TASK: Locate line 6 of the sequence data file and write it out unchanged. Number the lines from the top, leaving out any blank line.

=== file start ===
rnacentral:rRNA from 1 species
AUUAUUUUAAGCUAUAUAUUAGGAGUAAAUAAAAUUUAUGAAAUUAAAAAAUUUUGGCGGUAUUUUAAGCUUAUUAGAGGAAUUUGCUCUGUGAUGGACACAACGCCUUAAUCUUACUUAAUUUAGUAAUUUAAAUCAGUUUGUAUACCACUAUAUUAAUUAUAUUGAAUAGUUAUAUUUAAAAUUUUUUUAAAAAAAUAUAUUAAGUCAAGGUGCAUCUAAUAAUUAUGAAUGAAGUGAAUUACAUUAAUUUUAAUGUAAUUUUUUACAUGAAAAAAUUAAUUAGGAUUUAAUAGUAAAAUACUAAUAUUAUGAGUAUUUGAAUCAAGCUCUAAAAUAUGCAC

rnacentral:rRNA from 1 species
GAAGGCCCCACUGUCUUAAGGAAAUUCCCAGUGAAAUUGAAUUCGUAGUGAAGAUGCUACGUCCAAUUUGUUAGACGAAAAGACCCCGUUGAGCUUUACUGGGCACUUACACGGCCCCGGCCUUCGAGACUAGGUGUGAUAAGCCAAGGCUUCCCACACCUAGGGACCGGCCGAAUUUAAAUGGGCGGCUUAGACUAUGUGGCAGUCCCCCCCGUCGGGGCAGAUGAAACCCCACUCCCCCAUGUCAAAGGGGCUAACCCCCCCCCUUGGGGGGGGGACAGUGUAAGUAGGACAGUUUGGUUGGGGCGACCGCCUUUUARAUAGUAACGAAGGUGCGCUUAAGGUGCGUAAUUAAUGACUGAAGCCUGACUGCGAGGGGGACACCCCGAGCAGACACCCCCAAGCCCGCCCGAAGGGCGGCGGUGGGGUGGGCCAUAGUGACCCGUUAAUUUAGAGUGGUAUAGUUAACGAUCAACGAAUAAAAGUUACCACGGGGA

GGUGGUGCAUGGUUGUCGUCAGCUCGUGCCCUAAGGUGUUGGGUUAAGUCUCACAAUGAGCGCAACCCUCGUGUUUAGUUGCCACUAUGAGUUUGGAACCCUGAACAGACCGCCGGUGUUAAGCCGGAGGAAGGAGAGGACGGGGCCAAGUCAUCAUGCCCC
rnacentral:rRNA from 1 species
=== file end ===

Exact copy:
rnacentral:rRNA from 1 species